Now, it should be noted, this above code is hackish. For example, what if there are multiple characteristics and the last one isn’t the one we want to know about. Well, we’d have a write reference to the wrong characteristic. So, filtering to the desired characteritic is on my TODO list.
But, let’s finish before refactoring.
Let’s take a look at how to write data to the device after getting a reference to the desired characteristic.
The above method creates a promise and writes to the device asynchoronously. On the way, it checks to make sure the device is paired (not connected, that’s on the TODO list). Also, it makes sure we still have a reference to the writeCharacteristic. Then, it will either encode it in utf-8 and write the data, or if the string argument is false it’ll just write the data. After it has written the data, the resolve is executed. This would allow the writeMethod to be called like so:
Ok, last bit. Let’s setup capturing incoming data. To begin, I created a method which holds a list of all the callback methods to call when data has been received.
This method allows a method’s name to be passed in. It then adds an event listener to this method, which will be called whenever characteristicvaluechanged. Also, it saves this method’s name in an array in case I want to stop notifications later (again, not completed, but on the TODO).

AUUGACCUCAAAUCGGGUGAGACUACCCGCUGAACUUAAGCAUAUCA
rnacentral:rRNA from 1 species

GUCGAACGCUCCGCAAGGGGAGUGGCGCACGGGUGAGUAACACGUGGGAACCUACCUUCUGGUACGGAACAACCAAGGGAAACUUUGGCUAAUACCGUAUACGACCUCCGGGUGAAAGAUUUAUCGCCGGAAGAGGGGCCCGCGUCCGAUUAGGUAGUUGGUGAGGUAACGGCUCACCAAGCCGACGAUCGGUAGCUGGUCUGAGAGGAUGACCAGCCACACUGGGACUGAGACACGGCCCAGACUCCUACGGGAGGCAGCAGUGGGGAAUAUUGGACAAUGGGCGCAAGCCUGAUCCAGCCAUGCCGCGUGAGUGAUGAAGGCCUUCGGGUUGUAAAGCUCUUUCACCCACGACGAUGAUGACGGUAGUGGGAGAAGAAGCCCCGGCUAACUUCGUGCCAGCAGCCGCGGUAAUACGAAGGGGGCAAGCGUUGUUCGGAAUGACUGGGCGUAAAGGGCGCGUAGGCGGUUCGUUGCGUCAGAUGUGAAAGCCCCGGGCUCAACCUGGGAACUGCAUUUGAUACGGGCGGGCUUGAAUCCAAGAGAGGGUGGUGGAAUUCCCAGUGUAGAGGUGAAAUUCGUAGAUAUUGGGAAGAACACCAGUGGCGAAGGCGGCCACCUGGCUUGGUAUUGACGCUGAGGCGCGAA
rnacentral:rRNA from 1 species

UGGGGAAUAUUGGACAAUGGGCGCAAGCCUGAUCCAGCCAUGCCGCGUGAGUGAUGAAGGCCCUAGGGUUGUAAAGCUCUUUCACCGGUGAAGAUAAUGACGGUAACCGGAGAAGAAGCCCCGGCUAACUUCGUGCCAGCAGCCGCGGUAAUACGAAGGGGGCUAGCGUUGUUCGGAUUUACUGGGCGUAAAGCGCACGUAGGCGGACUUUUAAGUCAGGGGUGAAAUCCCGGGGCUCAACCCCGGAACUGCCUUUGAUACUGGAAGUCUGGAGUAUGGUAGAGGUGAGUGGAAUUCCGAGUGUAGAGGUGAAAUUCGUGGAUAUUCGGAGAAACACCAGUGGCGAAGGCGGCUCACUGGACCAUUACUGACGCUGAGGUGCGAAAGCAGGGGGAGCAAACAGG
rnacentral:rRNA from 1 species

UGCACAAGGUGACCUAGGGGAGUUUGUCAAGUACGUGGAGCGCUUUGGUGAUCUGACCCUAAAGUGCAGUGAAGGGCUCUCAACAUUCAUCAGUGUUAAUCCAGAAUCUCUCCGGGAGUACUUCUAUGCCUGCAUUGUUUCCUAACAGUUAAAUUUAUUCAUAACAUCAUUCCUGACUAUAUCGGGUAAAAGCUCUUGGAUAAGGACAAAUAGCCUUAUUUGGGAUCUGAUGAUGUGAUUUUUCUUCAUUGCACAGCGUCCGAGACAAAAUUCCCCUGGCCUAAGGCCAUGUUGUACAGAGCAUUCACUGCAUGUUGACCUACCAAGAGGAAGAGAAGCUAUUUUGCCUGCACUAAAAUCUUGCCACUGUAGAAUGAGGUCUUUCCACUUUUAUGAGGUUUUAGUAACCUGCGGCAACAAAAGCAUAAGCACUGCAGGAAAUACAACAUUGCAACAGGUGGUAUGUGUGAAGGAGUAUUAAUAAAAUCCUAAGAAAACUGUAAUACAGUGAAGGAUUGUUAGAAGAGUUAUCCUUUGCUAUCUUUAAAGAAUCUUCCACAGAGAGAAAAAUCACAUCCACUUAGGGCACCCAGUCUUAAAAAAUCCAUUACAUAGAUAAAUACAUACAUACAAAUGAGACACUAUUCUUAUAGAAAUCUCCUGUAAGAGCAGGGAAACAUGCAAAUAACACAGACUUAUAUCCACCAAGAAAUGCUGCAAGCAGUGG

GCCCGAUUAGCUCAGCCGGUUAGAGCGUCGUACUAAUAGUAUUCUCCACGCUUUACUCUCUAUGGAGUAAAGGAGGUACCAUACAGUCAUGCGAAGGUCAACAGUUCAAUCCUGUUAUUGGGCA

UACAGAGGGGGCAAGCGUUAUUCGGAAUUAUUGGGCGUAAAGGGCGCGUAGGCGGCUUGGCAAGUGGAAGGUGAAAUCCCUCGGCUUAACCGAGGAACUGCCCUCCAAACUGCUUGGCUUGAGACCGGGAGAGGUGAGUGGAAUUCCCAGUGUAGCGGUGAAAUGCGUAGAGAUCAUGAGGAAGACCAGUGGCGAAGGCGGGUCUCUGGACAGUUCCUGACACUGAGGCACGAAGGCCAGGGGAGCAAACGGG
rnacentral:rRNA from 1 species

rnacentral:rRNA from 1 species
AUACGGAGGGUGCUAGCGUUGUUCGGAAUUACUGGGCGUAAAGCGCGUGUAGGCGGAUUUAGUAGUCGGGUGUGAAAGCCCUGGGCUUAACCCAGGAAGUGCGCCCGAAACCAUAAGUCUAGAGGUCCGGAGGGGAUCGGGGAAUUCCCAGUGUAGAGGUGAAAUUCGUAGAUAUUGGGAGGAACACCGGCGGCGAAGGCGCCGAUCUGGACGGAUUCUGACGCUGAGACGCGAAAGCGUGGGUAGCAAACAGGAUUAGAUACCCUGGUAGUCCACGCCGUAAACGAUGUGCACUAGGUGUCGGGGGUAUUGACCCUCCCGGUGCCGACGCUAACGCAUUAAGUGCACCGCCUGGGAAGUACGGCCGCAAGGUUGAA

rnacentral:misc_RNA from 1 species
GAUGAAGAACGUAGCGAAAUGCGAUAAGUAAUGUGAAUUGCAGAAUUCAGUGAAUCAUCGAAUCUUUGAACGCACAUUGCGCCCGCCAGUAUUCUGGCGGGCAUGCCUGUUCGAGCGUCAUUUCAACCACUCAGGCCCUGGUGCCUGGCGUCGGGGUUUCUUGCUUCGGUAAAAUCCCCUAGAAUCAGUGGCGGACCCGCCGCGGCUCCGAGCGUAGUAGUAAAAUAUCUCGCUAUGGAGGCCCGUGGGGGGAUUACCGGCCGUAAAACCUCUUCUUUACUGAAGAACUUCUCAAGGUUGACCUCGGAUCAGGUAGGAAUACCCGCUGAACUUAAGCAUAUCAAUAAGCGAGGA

The purpose of allowing multiple callbacks is for when I’m working with many modules which all would like to know what’s going on with the Bluetooth LE device.
For example, this module is meant to be a piece of a larger project, which is an uploader app using BLE to upload HEX files to AVRs running TinySafeBoot.
Ok, one last piece. Let us see what the onRecievedData callback could looks like:
This is how I’ve written the notification of data callback. The event.target.value contains the data, which is in an untyped array. I choice to encode it into Uint8 as I’ll be working with both ASCII and non-ASCII data.
Well, that’s it. This code will allow one to search, connect, write data to, and receive data from Bluetooth Low Energy devices from Chrome browser. Let me know if you have any recommendations.
Here is the full code referenced directly from my project: